The second airshow on our international tour was 'Flying Legends' at Duxford and like the Shuttleworth collection, was a first for me. Juri however, has reported on the show for the last two years so at least I had a someone that could show me the ropes at what is probably the premier show in the world dedicated to military aviation.
A Swissair DC-3 and some of the early morning visitors.
Making our way to the American Museum. The British Aerospace museum is in the background.
The Imperial War Museum at Duxford in Cambridgeshire is Britain's largest aviation museum. Besides Duxford that houses the museum's large exhibits, including nearly 200 aircraft, military vehicles, artillery and minor naval vessels in seven main exhibition buildings, the site is also home too several British Army regimental museums.
The field filling up with some of the aircraft on the flight line in the background.
The site was originally operated by the Royal Air Force (RAF) during the First World War. During the Second World War, Duxford played a prominent role during the Battle of Britain and was later used by United States Army Air Forces fighter units in support of the daylight bombing of Germany. Duxford remained an active RAF airfield until 1961. After the Ministry of Defence declared the site surplus to requirements in 1969, the Imperial War Museum received permission to use part of the site for storage. The entire the site was transferred to the museum in February 1976.
Just a tiny number of the huge display of aircraft in the ultra-modern American Museum Hanger.
Breakfast at the field.
We arrived twenty minutes before the gates were to open and having been issued with media passes and a parking ticket, we were inside the field without any problems and had breakfast. Then it was time to explore the hangers as well as the two Museums on which we will fully report in a future issue.
The Red Arrows, who opened the show, flew a flat display.
It was overcast with a low cloud base and except for a couple of times, the sun only made a brief appearance. Because of the low cloud base the Red Arrows, who opened the show, flew a flat display and what a brilliant display it was.
Fifteen Vickers Super Marine Spitfires flew at Duxford proving once more why Flying Legends is the premier Historical Military Aviation Show in the world.
Presented together with the Fighter Collection and the IWM (Imperial War Museum) the 27th edition of Flying Legends commemorated the 75th anniversary of D-Day. Flying Legends appropriately focused on the courage of those who took part in the largest combined naval, air and land operation in the history of warfare.
The Buchon's served with the Spanish Airforce from 1958 until 1969.
Representing the forces of the enemy was five Hispano HA-1112-MIL/M4L Buchons, a Spanish built version of the FW109. The Buchons, built in the 1950s were powered by a Rolls Royce Merlin 500/45 engine.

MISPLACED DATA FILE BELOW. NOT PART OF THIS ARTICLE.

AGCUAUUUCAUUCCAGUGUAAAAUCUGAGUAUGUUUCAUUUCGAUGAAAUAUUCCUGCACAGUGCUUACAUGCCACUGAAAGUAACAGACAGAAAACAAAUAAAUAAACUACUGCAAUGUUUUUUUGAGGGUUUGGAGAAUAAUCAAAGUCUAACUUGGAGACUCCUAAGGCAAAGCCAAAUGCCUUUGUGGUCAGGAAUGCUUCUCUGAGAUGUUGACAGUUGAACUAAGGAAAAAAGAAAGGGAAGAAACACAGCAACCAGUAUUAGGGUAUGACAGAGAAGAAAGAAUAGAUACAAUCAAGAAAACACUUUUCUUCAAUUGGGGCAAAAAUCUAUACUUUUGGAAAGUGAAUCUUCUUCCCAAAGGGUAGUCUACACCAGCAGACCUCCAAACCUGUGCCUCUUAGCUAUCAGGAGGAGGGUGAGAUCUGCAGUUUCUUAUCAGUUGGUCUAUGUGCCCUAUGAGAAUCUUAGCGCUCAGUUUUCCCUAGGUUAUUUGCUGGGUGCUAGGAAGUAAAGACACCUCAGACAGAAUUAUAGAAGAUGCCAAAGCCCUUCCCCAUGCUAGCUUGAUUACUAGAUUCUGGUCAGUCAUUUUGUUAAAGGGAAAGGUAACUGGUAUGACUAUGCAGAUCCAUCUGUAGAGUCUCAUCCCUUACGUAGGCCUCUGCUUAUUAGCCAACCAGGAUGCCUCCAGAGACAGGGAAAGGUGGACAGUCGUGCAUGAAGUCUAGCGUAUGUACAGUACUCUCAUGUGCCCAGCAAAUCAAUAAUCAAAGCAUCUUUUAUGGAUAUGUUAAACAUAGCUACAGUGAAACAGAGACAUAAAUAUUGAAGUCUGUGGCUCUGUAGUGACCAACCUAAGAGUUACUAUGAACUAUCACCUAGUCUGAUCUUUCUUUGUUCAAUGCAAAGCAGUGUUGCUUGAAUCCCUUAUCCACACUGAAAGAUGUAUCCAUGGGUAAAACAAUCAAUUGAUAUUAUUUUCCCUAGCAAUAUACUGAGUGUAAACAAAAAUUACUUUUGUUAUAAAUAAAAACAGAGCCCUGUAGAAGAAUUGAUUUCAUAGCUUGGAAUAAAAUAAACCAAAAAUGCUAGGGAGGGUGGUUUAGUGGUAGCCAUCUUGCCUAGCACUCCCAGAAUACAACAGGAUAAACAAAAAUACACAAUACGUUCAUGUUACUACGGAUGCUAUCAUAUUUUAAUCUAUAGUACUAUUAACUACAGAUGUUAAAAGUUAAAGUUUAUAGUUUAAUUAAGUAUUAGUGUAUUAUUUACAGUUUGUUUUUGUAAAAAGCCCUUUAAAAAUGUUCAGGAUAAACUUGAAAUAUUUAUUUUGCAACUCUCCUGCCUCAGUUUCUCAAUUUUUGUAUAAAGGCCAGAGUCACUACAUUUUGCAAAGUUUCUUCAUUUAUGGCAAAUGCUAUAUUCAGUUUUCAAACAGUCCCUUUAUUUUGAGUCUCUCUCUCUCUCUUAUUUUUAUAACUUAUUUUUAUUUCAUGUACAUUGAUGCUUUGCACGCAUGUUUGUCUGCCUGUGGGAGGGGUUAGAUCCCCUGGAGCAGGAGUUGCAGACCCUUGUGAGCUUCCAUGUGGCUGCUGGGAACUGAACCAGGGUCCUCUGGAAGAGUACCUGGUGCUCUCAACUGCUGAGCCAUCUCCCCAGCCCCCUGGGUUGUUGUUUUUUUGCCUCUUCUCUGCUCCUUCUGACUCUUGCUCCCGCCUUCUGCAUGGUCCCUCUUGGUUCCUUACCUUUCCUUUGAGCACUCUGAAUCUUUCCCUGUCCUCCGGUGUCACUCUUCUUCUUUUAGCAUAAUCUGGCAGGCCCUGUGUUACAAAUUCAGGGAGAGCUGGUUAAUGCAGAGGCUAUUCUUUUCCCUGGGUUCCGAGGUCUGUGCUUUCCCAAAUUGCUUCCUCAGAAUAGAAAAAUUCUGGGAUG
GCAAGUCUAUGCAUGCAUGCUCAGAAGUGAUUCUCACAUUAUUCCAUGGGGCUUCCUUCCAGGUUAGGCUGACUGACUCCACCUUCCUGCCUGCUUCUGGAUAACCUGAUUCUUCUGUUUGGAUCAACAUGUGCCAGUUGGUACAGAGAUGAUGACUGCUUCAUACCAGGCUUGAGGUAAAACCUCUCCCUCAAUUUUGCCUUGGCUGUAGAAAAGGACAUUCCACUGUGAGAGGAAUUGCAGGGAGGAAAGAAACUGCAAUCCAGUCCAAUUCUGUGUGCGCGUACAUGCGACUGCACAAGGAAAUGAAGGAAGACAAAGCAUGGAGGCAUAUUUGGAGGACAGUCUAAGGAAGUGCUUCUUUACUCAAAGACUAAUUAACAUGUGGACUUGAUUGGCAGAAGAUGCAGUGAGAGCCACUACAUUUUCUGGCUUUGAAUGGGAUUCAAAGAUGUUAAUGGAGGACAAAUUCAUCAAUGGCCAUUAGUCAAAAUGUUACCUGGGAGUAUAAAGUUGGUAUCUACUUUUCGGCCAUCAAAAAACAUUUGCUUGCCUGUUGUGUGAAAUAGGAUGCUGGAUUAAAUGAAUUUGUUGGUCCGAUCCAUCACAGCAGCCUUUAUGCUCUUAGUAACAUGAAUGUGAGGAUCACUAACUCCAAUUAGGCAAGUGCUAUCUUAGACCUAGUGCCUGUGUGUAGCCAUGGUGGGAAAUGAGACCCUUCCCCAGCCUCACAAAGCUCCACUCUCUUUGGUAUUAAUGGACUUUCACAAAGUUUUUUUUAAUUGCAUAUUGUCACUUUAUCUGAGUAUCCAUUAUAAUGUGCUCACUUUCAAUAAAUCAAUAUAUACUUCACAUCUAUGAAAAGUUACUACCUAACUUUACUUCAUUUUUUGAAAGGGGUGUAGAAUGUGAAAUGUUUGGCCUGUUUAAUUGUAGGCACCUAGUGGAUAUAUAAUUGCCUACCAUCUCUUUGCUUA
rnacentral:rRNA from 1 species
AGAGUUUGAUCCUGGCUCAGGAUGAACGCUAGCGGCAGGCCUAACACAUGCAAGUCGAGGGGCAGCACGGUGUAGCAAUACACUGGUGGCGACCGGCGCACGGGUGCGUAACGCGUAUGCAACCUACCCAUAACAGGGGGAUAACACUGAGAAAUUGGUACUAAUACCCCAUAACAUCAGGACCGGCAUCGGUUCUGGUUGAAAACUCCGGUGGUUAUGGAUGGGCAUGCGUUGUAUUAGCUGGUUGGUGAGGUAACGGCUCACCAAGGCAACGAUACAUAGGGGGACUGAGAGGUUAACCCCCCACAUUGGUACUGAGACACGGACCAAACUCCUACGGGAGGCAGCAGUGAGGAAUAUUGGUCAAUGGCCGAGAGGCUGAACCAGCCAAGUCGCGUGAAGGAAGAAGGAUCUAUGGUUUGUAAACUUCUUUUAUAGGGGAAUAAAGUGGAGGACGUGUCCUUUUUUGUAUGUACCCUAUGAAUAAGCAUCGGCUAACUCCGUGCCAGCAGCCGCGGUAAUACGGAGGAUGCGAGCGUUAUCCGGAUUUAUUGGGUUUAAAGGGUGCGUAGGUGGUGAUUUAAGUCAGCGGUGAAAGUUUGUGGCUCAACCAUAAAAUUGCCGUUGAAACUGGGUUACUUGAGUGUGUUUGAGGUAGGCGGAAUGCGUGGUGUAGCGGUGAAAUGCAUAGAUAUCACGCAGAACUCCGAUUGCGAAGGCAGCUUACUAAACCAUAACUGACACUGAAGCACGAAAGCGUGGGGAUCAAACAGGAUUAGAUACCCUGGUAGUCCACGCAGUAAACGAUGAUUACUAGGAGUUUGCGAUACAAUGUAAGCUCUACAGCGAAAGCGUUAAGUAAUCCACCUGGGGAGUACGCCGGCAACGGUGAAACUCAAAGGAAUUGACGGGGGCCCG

Two P-51s' and the Boeing B-17 celebrated the types contribution during WWII. Built in 1945 Sally B is still flying almost three quarters of a century later.
The North American P-51 Mustang was arguably one of the best fighters of WWII and the Boeing B-17 one the bombers that inflicted untold misery and damage to the infrastructure and assets of the German Forces. To celebrate this, two Mustangs one of the Norwegian Spitfire Association, one of Anglia Aircraft Restorations Limited as well as a B-17 Flying Fortress regaled the huge crowd.
The classic formation of three Beech 18s and a C-47.
The Classic's Formation C-47 and three Beech 18's were some of the more sedately aircraft to perform. The contribution of these grand ladies can never be underestimated.
The flight of the American Curtis quartet was to us one of the highlights as these aircraft are seldom seen at other shows.
The flight of Four of Curtisis's Hawks of the Fighter Collection was another of the unique acts based at Duxford. The Curtiss H-75 was a private venture which flew for the first time in May 1935. Following development and a new engine, three prototype aircraft were ordered by the US Army Air Corps under the designation Y1P-36. This eventually led to the P-36 lineage which went on to serve with around a dozen air arms. The P-40C and F Warhawks single-seat, all-metal fighter and ground-attack aircraft that first flew in 1938. The types saw combat with the British Commonwealth squadrons of the Desert Air Force in the Middle East and North African campaigns during June 1941.
The Battle of Britain formation flight of a Blenheim, Lysander and three Spitfires were another of the mass formation that flew the dark overcast skies above Duxford on Saturday.
The Ultimate Fighters Team's P-47 Thunderbolt, Spitfire V, Buchon and TF-51D Mustang were a crowd favourite.
The Naval Aviation tribute consisted of a Bearcat, Corsair, Sea Fury, Catalina and Wildcat.
The Catalina, conceived as a long-range patrol bomber, first flew in 1935. The Plane Sailing Catalina displayed during the show was built in Canada in 1943.
Three C-47's and two L-5 Piper Cubs made up the Flying Legends D-Day Tribute Flight.
Flying legends is not just the name of the event, it is also the experience:- A day packed with the sounds of Rolls-Royce Merlin and Griffon engines, at times up to 26 WWII aircraft directly above us making this a day we will never forget. The show finale, appropriately named "the Balbo Finale" (named after Italo Balbo, an Italian Air Force General who led a mass of Italian aircraft on a transatlantic flight from Italy to Brazil in the early 30's) featured, among others, Spitfires, Mustangs, Buchons, a Wildcat, a Bearcat, Sea Fury and a Thunderbolt.